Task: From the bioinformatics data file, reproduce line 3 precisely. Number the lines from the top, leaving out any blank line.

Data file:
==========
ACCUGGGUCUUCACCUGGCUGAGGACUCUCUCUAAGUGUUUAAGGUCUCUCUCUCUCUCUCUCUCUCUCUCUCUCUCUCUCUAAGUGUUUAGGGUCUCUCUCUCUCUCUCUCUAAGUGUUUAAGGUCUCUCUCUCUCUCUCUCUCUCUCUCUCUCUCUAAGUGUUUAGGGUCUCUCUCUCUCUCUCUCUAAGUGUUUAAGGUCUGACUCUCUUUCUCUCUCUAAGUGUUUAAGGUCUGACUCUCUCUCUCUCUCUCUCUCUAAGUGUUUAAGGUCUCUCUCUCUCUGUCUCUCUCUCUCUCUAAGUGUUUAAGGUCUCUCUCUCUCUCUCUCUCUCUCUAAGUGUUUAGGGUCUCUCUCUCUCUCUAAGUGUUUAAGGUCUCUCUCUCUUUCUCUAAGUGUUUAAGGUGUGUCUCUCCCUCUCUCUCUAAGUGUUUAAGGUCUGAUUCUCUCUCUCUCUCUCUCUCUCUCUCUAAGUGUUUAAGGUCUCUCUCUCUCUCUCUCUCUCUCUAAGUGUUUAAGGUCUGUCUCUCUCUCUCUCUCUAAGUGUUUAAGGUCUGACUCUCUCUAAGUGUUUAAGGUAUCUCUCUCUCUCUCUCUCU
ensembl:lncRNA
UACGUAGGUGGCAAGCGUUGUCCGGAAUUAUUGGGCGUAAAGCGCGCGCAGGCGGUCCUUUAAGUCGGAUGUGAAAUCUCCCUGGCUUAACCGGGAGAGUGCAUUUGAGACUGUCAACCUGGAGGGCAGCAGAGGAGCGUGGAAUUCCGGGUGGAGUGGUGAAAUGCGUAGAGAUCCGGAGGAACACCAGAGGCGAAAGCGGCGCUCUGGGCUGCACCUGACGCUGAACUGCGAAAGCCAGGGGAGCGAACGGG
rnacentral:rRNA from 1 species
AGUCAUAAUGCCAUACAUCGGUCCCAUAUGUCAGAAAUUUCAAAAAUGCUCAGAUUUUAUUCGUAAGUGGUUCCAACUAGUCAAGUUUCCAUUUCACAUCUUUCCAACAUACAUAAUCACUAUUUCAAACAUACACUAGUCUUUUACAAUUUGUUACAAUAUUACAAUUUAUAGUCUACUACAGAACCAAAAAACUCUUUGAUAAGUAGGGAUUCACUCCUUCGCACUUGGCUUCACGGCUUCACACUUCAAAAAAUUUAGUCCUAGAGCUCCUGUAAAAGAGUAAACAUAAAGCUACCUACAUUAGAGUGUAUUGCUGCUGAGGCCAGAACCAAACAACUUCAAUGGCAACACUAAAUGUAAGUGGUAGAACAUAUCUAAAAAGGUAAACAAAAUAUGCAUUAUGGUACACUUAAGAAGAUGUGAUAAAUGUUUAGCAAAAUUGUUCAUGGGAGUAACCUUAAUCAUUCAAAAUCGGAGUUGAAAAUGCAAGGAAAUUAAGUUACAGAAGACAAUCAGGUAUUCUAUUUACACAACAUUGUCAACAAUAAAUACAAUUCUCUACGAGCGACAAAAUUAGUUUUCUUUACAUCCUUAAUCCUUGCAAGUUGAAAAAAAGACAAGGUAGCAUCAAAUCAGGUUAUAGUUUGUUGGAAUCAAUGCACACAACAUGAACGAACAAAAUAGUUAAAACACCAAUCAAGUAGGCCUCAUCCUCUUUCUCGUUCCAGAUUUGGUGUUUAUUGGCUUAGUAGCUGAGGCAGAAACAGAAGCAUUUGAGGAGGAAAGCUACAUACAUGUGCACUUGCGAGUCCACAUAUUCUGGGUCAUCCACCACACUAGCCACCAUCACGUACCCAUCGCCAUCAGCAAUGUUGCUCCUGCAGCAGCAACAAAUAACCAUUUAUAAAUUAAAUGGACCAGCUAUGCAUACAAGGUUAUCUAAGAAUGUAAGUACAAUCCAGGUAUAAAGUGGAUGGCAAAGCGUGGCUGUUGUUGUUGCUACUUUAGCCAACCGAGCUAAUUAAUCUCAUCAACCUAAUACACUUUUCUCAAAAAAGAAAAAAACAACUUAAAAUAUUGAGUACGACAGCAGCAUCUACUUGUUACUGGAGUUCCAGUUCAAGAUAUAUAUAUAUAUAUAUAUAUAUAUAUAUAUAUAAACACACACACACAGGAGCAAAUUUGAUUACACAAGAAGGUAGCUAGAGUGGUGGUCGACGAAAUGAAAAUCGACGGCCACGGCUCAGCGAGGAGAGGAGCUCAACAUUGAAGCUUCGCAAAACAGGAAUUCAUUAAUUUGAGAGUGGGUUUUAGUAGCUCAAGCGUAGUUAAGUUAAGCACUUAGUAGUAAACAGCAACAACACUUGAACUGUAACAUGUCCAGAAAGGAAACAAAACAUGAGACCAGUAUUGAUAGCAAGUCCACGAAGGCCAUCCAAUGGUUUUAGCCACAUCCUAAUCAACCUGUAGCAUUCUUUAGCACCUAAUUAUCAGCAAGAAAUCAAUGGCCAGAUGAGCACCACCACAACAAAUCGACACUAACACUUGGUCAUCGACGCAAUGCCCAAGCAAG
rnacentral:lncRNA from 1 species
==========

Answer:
UACGUAGGUGGCAAGCGUUGUCCGGAAUUAUUGGGCGUAAAGCGCGCGCAGGCGGUCCUUUAAGUCGGAUGUGAAAUCUCCCUGGCUUAACCGGGAGAGUGCAUUUGAGACUGUCAACCUGGAGGGCAGCAGAGGAGCGUGGAAUUCCGGGUGGAGUGGUGAAAUGCGUAGAGAUCCGGAGGAACACCAGAGGCGAAAGCGGCGCUCUGGGCUGCACCUGACGCUGAACUGCGAAAGCCAGGGGAGCGAACGGG